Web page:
“We demolish arguments and every pretension that sets itself up against the knowledge of God, and we take captive every thought to make it obedient to Christ” (2 Corinthians 10:5).

I really wish that this chapter could continue on in the same vein as the last few. I absolutely loved where we were headed and how encouraged I felt every time I dove into the Word. But for some reason, Paul stops here to defend his authority and his ministry. “I beg you that when I come I may not have to be as bold as I expect to be toward some people who think that we live by the standards of this world” (verse 2). Later, in verse 12, he bitingly declares, “Oh, don’t worry; we wouldn’t dare say that we are as wonderful as these other men who tell you how important they are! But they are only comparing themselves with each other, using themselves as the standard of measurement. How ignorant!”

Apparently, the Corinthians were judging so-called important Christian based on appearances (verse 7). Many seemed to think that Paul was timid and unimpressive in person, which did not match up with his bold and forceful letters. But Paul assures them that they are not double-minded men, and their lives match up with their words. He reminds them that “the weapons we fight with are not the weapons of the world. On the contrary, they have divine power to demolish strongholds” (verse 4). Essentially, while some of these Christians they were pointing to might have more impressive looking resumes, Paul and his co-workers in the ministry were living in such a way that confounded them. Jesus did the very same thing.

There were many instances when Jesus healed someone, then immediately commanded the person not to tell anyone–a command they often ignored. He also delayed in healing others to perform seemingly unimportant tasks, only to raise these people from the dead. While he delayed, those around him must have been offended; yet, Jesus knew that the urgency was not in the sickness of the body but in the sickness of the soul. Both He and Paul realized that following God’s will to the praise of His glory that some might be healed of their burden of sin overshadowed any other “good” thing to be done.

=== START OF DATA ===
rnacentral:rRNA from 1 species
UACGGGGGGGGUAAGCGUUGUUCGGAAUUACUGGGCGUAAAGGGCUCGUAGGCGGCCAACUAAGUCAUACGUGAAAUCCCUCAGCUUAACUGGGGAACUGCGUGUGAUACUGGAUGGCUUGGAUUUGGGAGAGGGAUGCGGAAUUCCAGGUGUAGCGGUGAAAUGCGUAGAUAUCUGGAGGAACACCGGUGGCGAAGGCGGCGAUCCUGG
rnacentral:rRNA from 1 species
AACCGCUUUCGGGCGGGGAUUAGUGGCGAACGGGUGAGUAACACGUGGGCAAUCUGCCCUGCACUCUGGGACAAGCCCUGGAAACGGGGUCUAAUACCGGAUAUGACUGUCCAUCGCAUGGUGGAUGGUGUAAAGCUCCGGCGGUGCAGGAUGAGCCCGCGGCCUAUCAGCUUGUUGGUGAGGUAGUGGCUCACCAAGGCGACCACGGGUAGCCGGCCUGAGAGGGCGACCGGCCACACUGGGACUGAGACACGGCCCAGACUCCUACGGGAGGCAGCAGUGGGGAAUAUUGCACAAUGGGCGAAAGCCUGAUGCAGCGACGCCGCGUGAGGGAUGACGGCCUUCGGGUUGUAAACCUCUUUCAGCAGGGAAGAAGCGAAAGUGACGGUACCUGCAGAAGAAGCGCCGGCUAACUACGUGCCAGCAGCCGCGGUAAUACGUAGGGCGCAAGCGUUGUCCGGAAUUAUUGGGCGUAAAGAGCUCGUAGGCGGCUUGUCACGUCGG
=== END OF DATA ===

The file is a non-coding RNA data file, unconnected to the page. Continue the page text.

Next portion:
Once again, Paul says, “But, ‘Let the one who boasts boast in the Lord.’ For it is not the one who commends himself who is approved, but the one whom the Lord commends” (verses 17-18). Paul wants to accomplish the work set out to be done among the Corinthians and to watch their faith grow. But he will not stoop to puffing up his reputation, when he knows that it speaks for itself; or, rather, what he has seen the Lord do speaks to His working. As he said to them before in 1 Corinthians 3:5-7, “Who then is Paul, and who is Apollos, but ministers through whom you believed, as the Lord gave to each one? I planted, Apollos watered, but God gave the increase. So then neither he who plants is anything, nor he who waters, but God who gives the increase.”

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